It wasn't long until we figured we'd need at least one more shared savings account. This one we called our "life fund," though the "proper" name would be our emergency fund - a savings buffer we're working to build up with at least three to six months worth of shared household expenses. We opted for another high-yield online savings for this account to maximize growth without risking any loss.

We decided to share some of our money - but not all

Taking into account changes post-marriage, like joining my husband's health insurance plan, and added costs like life insurance, we calculated our essential monthly shared living costs at roughly $3,000 each month.

We decided to contribute $2,000 per month per person to a shared checking account. The extra money would serve as a buffer for irregular, non-emergency expenses like car maintenance, and any additional overflow would get transferred into our newly shared savings accounts.

Unlike those who advocate combining all money in shared accounts or keeping money totally separate, we're of the philosophy that there's no one right way to approach to combining finances - we just had to decide what made sense to us.

To start, it was this hybrid of joint checking and savings accounts for shared expenses and savings goals that link to our individual checking and savings accounts that we each use how we please.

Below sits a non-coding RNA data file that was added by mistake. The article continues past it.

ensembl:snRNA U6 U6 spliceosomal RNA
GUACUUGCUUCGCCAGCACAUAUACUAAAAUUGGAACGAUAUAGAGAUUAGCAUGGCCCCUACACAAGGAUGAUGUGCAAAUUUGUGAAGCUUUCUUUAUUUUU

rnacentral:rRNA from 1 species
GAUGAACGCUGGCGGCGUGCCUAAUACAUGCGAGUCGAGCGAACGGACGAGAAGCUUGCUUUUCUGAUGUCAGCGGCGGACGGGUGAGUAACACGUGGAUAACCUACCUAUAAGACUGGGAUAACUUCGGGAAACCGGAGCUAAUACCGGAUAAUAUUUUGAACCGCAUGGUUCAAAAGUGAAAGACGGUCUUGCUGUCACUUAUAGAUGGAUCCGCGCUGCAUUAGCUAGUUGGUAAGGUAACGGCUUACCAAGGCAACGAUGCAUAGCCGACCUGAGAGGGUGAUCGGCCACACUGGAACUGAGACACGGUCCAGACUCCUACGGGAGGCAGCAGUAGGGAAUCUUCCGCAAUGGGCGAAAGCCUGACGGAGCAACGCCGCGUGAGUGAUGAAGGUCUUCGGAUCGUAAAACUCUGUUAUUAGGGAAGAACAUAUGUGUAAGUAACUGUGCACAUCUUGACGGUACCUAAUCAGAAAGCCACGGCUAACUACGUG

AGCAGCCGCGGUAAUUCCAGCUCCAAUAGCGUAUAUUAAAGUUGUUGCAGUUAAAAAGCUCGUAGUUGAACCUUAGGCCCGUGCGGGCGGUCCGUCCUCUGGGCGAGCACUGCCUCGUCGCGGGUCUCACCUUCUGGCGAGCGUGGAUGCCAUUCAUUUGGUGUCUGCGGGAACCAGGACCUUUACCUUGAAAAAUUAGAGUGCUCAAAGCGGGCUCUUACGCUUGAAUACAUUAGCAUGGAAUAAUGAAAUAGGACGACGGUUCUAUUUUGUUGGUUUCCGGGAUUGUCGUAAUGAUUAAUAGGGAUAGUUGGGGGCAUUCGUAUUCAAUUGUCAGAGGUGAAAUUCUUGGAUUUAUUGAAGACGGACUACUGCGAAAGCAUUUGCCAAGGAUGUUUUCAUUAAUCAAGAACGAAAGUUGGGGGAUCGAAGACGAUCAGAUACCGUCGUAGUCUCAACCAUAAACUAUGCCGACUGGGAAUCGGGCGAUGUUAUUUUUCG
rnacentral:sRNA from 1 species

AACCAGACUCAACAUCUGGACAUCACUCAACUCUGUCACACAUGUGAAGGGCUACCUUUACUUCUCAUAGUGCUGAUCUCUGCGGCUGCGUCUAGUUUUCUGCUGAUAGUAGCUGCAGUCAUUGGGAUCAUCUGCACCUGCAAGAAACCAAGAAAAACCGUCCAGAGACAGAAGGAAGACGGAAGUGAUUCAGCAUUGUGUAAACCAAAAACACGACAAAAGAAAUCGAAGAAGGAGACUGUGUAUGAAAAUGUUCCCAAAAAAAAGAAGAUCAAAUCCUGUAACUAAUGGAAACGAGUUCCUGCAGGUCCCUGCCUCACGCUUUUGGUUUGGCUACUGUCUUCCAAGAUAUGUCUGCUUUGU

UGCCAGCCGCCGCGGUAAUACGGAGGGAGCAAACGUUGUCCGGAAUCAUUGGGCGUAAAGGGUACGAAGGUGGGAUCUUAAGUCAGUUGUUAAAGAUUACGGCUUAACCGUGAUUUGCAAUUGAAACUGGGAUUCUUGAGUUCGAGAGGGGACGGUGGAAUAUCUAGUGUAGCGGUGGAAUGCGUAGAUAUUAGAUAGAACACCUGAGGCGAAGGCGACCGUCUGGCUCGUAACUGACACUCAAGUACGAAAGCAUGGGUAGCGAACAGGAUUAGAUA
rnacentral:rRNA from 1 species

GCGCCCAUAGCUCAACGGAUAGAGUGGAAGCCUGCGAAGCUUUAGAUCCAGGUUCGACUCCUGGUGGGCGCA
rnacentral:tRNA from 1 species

Like any other system, we don't think this is the singular "right" way to combine finances. It might not even be the way we manage our money in the future - especially if and when we experience major life changes, like one of us having to take a leave of absence from the workforce. But it's a system that worked well for us as we started the process of combining our money and continues to do so today.

Stefanie O'Connell Rodriguez is a nationally recognized millennial money expert and author of the book, "The Broke and Beautiful Life." She is also the founder of Statement Cards, a greeting card company that celebrates women's financial wins - from getting a raise to paying off their student loans.

Personal Finance Insider offers tools and calculators to help you make smart decisions with your money. We do not give investment advice or encourage you to buy or sell stocks or other financial products. What you decide to do with your money is up to you. If you take action based on one of the recommendations listed in the calculator, we get a small share of the revenue from our commerce partners.

{{}}
Add Comment()
Comments ()
X
Sort By:
Be the first one to comment.
We have sent you a verification email. This comment will be published once verification is done.